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Mask v. Berryhill

United States District Court, E.D. Arkansas, Northern Division

April 16, 2019

NANCY A. BERRYHILL, Acting Commissioner, Social Security Administration, DEFENDANT




         This recommended disposition has been submitted to United States District Judge D.P Marshall Jr. The parties may file specific objections to these findings and recommendations and must provide the factual or legal basis for each objection. The objections must be filed with the Clerk no later than fourteen (14) days from the date of the findings and recommendations. A copy must be served on the opposing party. The district judge, even in the absence of objections, may reject these proposed findings and recommendations in whole or in part.


         Plaintiff, Amelia Mask, on behalf of her minor son, EKM, has appealed the final decision of the Commissioner of the Social Security Administration to deny her claim for supplemental security income. Both parties have submitted briefs and the case is ready for a decision.

         EKM was previously found to be disabled under the Social Security Act on May 10, 2012 - the comparison point decision (CPD). (Tr. 251.) The Commissioner determined EKM had the medically determinable impairments of Bartter's syndrome, [1] growth delays, and speech delays, and these impairments medically equaled Listing 111.09. (Id.) However, upon a disability review, the Commissioner determined he was no longer disabled as of October 1, 2015, because he had medically improved and did not have an impairment or combination of impairments meeting or equaling an impairment listed in 20 C.F.R. Part 404, Subpart P, Appendix 1.[2] (Tr. 248-271.)

         To determine whether a claimant under the age of 18 continues to be disabled, the Commissioner uses a three-step evaluation process. See 20 C.F.R. § 416.994a(b). The ALJ first found EKM had experienced medical improvement with his impairments as of October 1, 2015. (Tr. 252-258.) She next determined EKM's impairments - that previously medically equaled Listing 111.09 at the time of the CPD - no longer met or medically equaled Listing 111.09 as of October 1, 2015. (Tr. 258.) She also determined EKM's impairments did not functionally equal a Listing. (Id.) Finally, the ALJ found that, considering EKM's combined impairments, he has not met, medically equaled, or functionally equaled a listing since October 1, 2015. (Tr. 270.) Accordingly, the ALJ found EKM's disability ended as of October 1, 2015, and he has not become disabled again since that date. (Id.)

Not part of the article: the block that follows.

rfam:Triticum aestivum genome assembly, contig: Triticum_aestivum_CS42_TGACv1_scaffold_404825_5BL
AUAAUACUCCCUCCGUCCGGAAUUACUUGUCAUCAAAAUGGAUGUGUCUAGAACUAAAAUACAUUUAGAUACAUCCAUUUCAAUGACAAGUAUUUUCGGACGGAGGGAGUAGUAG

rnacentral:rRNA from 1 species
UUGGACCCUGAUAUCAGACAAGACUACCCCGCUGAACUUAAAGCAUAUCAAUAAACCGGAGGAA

The Appeals Council denied Plaintiff's request for review, making the ALJ's decision final decision of the Commissioner. (Tr. 1-5). Plaintiff initiated the instant Complaint challenging the decision of the Commissioner. (Doc. No. 2.)

         In support of the Complaint, Plaintiff says, “The ALJ erred in failing to give opinions of Dr. Gray the weight they are entitled to under the treating physician's rule.” (Doc. No. 12 at 9.) Adam C. Gray, M.D., has been EKM's treating physician for nearly his entire life. (Tr. 1251.) He is a family doctor but completed a residency in nephrology. (Tr. 323-324.) Plaintiff seemed very genuine in her description of Dr. Gray as “an amazing practitioner.” (Tr. 324.)

         Dr. Gray submitted a Child's Medical/Functional Assessment. (Tr. 1093-1095.) Dr. Gray's assessment reports that EKM is extremely limited by his Bartter's Syndrome. (Id.) If Dr. Gray's assessment was given great weight, EKM would likely be considered disabled.

         In evaluating Dr. Gray's assessment, the ALJ gave Dr. Gray's report little weight and concluded:

In reaching a decision in this case, the undersigned has also considered the opinion(s) expressed by the primary care physician, Dr. Adam Gray in Exhibits 28F and 33F. However, for reasons as stated or outline [sic] in significant detail within this decision above, the undersigned finds the opinion(s) of Dr. Gray inconsistent with the evidence of record as a whole, including some degree of internal inconsistency with some of Dr. Gray's own records regarding the overall persistence and/or severity of symptoms since on or about October 1, 2015. Specifically, upon a thorough consideration of the objective medical evidence as a whole, as included above, the undersigned Administrative Law Judge does not find support for the degree of functional limitations advocated or assessed by Dr. Gray. Notably, in Exhibit 28, Dr. Gray opines “extreme” limitations in overall functioning (Ex. 28F/3), but alternatively states that Bartter's Syndrome results in only “occasional extreme “and “frequent moderate” limitations. No other physician or medical specialist involved in the claimant's care, and no teacher involved with the claimant in the classroom, has ever suggested or opined such severe functional limitations. Additionally, there is no evidence from which to conclude the claimant has manifested such severe functional limitations either at home, or in and academic setting. Finally, as addressed in detail above, records provided through the claimant's treating specialists at Arkansas Children's Hospital or other medical specialist facilities, appear to repeatedly reference normal physical examination findings.

(Tr. 264.)

         I have carefully reviewed the overall evidence of record. This case is an extremely difficult one because of the sympathetic nature of the claim and the genuine testimony of EKM's family. And from a practical matter, it is without question that EKM has chronic issues from Bartter's syndrome. However, given ...

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